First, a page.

More than 150 readers attended the 12th annual Great Long Island Tomato Challenge at Newsday's headquarters in Melville on Aug. 30.

Anthony Maltese

Credit: Johnny Milano

Anthony Maltese, 86, of North Massapequa, holds his winning 3 pound, 8.5 ounce tomato during the 12th annual Great Long Island Tomato Challenge at Newsday headquarters in Melville on Aug. 30.

Credit: Johnny Milano

Anthony Maltese weighs his tomato.

Credit: Johnny Milano

Anthony Maltese weighs his tomato.

Credit: Johnny Milano

Anthony Maltese weighs his tomato.

Credit: Johnny Milano

Anthony Maltese is named the winner of the Great Long Island Tomato Challenge.

Credit: Johnny Milano

Anthony Maltese receives his award from Newsday's Jessica Damiano.

Credit: Johnny Milano

Anthony Maltese is awarded his prize.

Peter Notarnicola

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Peter Notarnicola weighs his tomato.

Credit: Johnny Milano

Peter Notarnicola weighs his tomato.

Credit: Johnny Milano

Peter Notarnicola weighs his tomato.

Credit: Johnny Milano

Peter Notarnicola weighs his tomato.

Joe Solarino

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Garden columnist Jessica Damiano shows the crowd Joe Solarino's tomato.

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Joe Solarino poses with his "ugly" tomato.

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Joe Solarino of Melville wins in the ugliest tomato category. 

Joe Solarino

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Joe Solarino receives his award from Newsday's Jessica Damiano.

Credit: Johnny Milano

Joe Solarino receives his award.

Credit: Johnny Milano

Joe Solarino receives his award.

Credit: Johnny Milano

Joe Solarino receives his award.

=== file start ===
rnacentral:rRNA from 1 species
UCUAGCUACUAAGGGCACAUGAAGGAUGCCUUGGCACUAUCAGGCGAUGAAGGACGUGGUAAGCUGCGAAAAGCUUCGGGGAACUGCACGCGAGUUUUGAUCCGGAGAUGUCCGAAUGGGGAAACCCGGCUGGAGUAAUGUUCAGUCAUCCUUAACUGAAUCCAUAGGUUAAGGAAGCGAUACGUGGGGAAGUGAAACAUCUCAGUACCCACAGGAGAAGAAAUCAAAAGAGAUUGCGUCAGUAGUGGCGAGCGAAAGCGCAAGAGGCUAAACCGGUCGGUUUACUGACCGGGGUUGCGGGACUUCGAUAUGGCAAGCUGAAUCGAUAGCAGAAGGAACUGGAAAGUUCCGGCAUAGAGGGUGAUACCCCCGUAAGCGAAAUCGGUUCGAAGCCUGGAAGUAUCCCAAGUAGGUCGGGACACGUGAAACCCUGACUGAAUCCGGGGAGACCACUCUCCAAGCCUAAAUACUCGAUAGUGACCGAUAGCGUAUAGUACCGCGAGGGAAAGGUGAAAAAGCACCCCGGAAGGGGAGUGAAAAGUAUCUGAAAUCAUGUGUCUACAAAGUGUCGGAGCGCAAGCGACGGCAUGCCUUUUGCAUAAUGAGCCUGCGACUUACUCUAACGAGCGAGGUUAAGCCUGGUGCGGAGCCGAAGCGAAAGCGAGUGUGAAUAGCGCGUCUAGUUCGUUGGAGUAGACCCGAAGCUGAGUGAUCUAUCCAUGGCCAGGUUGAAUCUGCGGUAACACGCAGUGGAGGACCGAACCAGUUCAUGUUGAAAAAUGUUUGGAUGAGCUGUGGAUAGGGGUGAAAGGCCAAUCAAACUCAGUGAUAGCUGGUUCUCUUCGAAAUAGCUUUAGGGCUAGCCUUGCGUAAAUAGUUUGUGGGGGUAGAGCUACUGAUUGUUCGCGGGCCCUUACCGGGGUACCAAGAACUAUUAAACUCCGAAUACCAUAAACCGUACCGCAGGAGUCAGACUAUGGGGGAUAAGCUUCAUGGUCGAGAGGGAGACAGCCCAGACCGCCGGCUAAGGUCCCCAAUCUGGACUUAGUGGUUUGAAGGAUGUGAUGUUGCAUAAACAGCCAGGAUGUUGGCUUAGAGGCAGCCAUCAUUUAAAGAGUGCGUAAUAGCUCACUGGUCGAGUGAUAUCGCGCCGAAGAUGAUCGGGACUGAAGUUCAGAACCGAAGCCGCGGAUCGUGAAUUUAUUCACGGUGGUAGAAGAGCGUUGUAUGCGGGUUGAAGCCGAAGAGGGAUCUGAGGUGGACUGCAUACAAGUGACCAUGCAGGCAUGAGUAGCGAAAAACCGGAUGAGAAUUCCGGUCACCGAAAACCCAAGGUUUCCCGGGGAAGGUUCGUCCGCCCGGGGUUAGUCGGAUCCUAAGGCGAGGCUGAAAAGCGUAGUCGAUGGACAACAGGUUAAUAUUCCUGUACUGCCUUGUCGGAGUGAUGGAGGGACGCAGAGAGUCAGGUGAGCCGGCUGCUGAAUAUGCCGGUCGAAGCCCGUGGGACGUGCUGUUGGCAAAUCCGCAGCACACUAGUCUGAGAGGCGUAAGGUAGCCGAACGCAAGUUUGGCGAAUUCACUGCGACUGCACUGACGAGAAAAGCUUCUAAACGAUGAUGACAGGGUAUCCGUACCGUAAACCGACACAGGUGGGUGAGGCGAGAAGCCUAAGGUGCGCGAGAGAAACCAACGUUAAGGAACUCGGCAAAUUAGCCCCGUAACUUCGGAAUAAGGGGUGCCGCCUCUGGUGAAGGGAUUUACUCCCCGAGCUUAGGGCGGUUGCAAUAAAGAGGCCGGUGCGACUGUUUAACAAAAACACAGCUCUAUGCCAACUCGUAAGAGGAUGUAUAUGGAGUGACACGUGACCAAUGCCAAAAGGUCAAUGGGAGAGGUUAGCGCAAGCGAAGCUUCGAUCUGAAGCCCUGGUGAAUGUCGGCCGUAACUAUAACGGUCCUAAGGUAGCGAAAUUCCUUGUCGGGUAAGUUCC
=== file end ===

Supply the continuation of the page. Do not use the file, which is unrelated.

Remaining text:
Benjamin Alcine

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Benjamin Alcine, 14, of New Hyde Park, weighs his tomato.

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Benjamin Alcine holds his tomato.

Credit: Johnny Milano

Benjamin Alcine weighs his tomato.

Christina Kraemer

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Christina Kraemer, of Bohemia, weighs her tomato. 

Gary Schaffer

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Gary Schaffer, of Lindenhurst, weighs his tomato.

Wyatt DePace

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Wyatt DePace's tomato is weighed during the tomato challenge.

Linda Prince

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Linda Prince, of North Bellmore, weighs her tomato.

Corinn Kraemer

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Corinn Kraemer, of Bohemia, holds out her tiny tomato. Kraemer, 19, won in the Smallest Tomato category for the second straight year. 

Credit: Johnny Milano

Corinn Kraemer accepts her prize.

Frank Rasizzi

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Frankie Rasizzi, of Northport, weighs his tomato. Rasizzi, 15, reigned in the Ages 13-17 category with his 2-pound, 3.5-ounce tomato of an unknown variety.

Gregory Nurick

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Gregory Nurick, 6, of Seaford, stops by the Tomato Challenge.